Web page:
Scientists Can (Almost) Read Your Mind, Turn Thoughts into Movies

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Mind, prepare to be blown—and scanned, by a device that can almost read thoughts, or at least digitize them into almost-identifiable images. No, it’s not some artsy video project, it’s for real: a system developed by University of California Berkeley scientists to capture visual activity in our brains and reassemble it as recognizable video data.

It sounds like science fiction, but it’s not, and according to the scientists, it represents a “critical” step toward reconstructing everything from what we’re thinking while awake to what’s happening as we dream.

(MORE: Want to Scan Your Brain? There’s an App for That!)

That’s a video of the process up top. A test subject is undergoing an MRI while watching random video clips from Hollywood movies. On the left side, you see clips from what the subject viewed. On the right, you see the fMRI results of “quantitative modeling” using “a new motion-energy encoding model,” essentially a matchup of brain activity with the viewed images. As you can see, at worst, it’s capable of reconstructing what was viewed in terms of the video image’s elemental geometry, e.g. broad shapes, lights and darks, etc. And at best, you can make out identifiable human forms and even vague facial features. (Interestingly, the human-related images seem the least abstruse, which, perhaps—wild speculation on my part here—says something about species-related bias in our recognition patterns.)

Here’s the research team’s “intuitive” description of the process:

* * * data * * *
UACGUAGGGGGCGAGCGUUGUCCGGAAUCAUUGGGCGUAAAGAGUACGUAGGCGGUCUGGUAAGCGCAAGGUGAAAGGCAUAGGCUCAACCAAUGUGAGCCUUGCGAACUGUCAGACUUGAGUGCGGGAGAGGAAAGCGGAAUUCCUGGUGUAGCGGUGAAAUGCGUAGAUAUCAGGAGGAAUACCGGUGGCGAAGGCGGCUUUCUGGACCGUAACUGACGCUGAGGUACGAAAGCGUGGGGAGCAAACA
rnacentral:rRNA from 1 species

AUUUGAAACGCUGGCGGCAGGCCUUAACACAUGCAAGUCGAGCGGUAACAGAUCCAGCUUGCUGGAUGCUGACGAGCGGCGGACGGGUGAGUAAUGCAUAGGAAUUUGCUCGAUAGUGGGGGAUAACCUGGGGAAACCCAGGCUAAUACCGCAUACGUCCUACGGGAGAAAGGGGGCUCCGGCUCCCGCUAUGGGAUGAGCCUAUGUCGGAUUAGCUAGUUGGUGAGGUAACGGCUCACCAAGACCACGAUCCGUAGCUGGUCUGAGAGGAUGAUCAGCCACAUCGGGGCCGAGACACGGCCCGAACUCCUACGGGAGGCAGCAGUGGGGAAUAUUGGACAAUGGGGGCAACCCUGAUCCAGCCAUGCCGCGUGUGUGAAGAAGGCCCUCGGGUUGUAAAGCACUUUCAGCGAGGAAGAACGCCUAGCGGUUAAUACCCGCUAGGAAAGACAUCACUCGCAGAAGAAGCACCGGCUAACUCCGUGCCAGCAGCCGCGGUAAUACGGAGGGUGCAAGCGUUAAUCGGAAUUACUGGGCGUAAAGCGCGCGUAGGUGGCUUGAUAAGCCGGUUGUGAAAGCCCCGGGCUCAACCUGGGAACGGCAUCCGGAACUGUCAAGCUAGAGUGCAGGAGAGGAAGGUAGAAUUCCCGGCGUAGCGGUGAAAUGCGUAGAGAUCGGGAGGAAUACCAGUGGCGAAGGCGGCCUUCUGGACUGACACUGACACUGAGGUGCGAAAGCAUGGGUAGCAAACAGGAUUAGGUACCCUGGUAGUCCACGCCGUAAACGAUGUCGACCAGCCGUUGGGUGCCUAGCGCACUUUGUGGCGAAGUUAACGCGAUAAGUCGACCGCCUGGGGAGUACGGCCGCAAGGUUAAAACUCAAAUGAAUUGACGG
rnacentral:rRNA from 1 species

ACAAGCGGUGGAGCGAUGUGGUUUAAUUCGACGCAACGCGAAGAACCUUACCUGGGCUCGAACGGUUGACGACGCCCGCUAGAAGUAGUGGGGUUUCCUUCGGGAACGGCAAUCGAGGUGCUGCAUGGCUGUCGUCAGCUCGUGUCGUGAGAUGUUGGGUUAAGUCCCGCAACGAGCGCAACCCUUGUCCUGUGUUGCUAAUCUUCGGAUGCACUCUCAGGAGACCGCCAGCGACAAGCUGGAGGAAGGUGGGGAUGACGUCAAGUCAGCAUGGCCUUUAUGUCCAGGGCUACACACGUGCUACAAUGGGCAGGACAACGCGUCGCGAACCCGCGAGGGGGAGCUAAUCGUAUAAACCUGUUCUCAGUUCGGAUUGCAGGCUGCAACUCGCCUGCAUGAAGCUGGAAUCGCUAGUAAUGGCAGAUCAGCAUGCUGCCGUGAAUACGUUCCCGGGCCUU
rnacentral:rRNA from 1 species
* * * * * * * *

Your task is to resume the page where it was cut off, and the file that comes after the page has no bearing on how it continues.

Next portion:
As you move through the world or you watch a movie, a dynamic, ever-changing pattern of activity is evoked in the brain. The goal of movie reconstruction is to use the evoked activity to recreate the movie you observed. To do this, we create encoding models that describe how movies are transformed into brain activity, and then we use those models to decode brain activity and reconstruct the stimulus. 

“This is a major leap toward reconstructing internal imagery,” said U.C. Berkeley neuroscientist Jack Gallant, a coauthor of the study published yesterday in the journal Current Biology (via U.C. Berkeley News Center). “We are opening a window into the movies in our minds.”

How’d they do it? Volunteers remained still within the MRI scanner for several hours and watched two sets of Hollywood movie trailers. Blood flow through the visual cortex was measured and their brains divided into tiny three-dimensional cubes (no, not literally—on the computer!) called volumetric pixels…or as I first heard them described in gaming parlance decades ago, “voxels” (remember the Comanche attack helicopter series?).

Researchers created a computer model that describes how visual information translates as brain activity, then applied it to each “brain voxel.” As volunteers watched the first set of movie clips, their brain activity was processed by the computer to “learn” to associate visual patterns in the clips with corresponding brain activity. Brain activity from viewing the second set of clips was then used to test the computer’s reconstruction algorithm—the computer used 18 million seconds (5,000 hours) of random YouTube videos that didn’t include the movies viewed by the test subjects to build a kind of “reference library,” correlating the brain imagery with video clip imagery.

In the final step, the computer selected the 100 clips that were most like the ones the subjects had watched and combined them to form the movie you see above (the right-side feed)—an indirect way of going about it, to be sure, but astonishing for what it accomplishes.

We’re probably a ways from science fiction movies like Strange Days, where “Superconducting Quantum Interference Devices” record events direct from a wearer’s cerebral cortex and can translate them to others as if they were experiencing the same events firsthand—but with results like these, where computers can “learn” to accurately relate what was seen with how the brain recorded it, we’re definitely getting closer.

MORE: Scientific Study Suggests Internet Addiction May Cause Brain Damage

Matt Peckham is a reporter at TIME. Find him on Twitter at @mattpeckham or on Facebook. You can also continue the discussion on TIME’s Facebook page and on Twitter at @TIME.

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